Derek Jeter’s going to have the luxury of leaving the game on his terms, and he’ll do it in good fashion, like he does everything. He witnessed Mariano Rivera doing it, which was really wonderful to watch in all ways. But at that stage in your career, you’re competing now for a position on a 25-man roster—but you’re held to a standard that you created. He’s still worthy of being a starting shortstop for the Yankees, he still has all the skills, but no one ever looks at it that way—they’re comparing him to himself. That’s the sad part about it, is people start saying, ‘It’s time for him to go, he’s not what he used to be.’ Well, who is, after that long? He’s still very good and if you look around the league, who are you going to choose in the playoffs if you want a chance to win? You’d still choose him. But the sad part is they’re comparing him to his own greatness.
You said the business of Ripken Baseball can eventually continue without you being involved day to day. So do you think about moving on to something else, like finding a management position in the MLB? Maybe with the Orioles?
Ripken: [He laughs…] I laugh because you have to be very careful how you choose your words. I’ve had experiences, even just last year, where you say something and there’s a ripple effect and people go and run with it and write about it.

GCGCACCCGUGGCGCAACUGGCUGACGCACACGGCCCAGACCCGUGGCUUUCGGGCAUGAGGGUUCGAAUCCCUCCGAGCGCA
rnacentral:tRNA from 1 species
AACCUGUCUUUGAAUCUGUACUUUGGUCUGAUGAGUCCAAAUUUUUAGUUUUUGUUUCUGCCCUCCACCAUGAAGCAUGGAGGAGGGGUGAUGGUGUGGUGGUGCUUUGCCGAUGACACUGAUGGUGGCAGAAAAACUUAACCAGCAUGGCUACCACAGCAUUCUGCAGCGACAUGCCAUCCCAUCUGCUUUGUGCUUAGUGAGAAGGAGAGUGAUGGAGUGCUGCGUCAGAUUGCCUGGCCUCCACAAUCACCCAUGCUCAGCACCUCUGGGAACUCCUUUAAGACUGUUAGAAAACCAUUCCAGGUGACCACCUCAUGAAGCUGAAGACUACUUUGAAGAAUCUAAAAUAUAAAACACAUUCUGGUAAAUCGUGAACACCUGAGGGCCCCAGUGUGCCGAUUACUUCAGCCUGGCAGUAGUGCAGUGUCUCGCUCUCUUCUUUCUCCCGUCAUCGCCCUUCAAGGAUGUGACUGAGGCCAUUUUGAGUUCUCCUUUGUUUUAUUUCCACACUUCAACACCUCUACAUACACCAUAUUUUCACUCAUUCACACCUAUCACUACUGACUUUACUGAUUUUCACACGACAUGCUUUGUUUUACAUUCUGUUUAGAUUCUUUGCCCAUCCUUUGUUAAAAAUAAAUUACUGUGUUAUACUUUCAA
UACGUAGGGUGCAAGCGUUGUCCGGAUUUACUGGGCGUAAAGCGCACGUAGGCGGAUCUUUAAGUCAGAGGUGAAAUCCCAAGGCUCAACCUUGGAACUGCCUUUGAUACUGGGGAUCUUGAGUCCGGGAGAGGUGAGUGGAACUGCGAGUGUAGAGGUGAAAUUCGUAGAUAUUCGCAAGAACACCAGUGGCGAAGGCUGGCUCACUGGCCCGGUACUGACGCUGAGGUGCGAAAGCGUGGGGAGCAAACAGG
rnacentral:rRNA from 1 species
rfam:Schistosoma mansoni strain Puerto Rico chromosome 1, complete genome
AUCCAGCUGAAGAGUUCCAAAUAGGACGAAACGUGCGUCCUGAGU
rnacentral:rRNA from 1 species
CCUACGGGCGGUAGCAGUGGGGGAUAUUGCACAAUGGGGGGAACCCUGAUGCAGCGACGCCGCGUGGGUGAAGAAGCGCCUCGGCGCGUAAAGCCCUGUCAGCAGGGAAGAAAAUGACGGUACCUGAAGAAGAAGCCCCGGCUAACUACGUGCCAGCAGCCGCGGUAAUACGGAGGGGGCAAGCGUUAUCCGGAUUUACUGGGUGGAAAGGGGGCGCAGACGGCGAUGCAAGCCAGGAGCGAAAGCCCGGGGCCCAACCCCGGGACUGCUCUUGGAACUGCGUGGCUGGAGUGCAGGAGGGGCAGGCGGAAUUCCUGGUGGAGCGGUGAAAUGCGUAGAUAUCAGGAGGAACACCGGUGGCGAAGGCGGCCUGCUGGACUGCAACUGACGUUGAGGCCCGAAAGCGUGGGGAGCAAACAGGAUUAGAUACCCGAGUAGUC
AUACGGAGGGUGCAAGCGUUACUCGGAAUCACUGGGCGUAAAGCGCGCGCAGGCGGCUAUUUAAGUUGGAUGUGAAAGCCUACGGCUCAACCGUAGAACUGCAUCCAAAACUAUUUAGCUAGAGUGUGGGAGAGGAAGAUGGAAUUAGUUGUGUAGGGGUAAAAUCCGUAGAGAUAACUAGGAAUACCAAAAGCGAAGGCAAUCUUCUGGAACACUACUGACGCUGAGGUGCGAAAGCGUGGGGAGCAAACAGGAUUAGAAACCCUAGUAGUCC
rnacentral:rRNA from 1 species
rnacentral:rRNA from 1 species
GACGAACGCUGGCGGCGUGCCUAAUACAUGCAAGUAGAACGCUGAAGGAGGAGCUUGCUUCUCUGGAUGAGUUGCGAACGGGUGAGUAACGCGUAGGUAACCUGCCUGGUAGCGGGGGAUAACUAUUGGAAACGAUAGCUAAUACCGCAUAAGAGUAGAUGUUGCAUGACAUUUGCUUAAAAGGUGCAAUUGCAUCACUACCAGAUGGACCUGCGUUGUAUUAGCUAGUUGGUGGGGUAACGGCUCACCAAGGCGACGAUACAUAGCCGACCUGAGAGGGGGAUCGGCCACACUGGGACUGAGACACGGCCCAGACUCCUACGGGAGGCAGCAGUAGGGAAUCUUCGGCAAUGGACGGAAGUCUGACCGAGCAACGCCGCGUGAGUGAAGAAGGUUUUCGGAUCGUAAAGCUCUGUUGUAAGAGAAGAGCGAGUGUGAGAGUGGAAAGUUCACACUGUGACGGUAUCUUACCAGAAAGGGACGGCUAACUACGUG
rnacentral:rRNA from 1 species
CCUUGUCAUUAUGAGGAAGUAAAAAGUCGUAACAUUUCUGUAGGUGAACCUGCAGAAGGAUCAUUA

The truth of the matter is I’ve lived a life in professional baseball. From when I was a kid, my dad was in professional baseball and I listened and learned a lot just from being around it. Then I had a chance to experience it myself and take that learning further. So I developed a skill set that part of me wants to be able to apply in the highest way, and that’s at the big league level. In some capacity. I don’t know what that is, or if that feeling will go away.
The other side of that is I have some viable business I’m trying to expand on, and you have to make a commitment to do that.
I made a choice when I retired that I would pursue these business things, because it afforded me a break from the professional schedule, so most importantly, I can see my kids on a regular basis. They were 8 and 12 when I retired. I could watch Ryan’s games. I could coach my daughter in basketball and go to her ballet recitals. When you’re in professional baseball, you can’t do those things.
When I made that choice, I was okay with it. Then when they start to get grown up and get out of the house, you have a chance to reevaluate. I’m in a position in my life now where I’m reevaluating. Where do I want to spend my time? Is the window open still, or is it closed? Where could I come back?
It was fun, last year, to be spoken of in a manager position. It never got to a formal stage. It was interesting to think about it, but that’s about it.
I was down at the Nationals and [GM] Mike Rizzo, off the cuff, said, ‘You know, I gotta hire a manager at the end of the year.’ And I said, ‘Yeah, I do. Who are your candidates?’ He half-jokingly said, ‘What about you?’
And so I said, ‘Well… who else?’
WATCH: Cal Ripken on the big business of baseball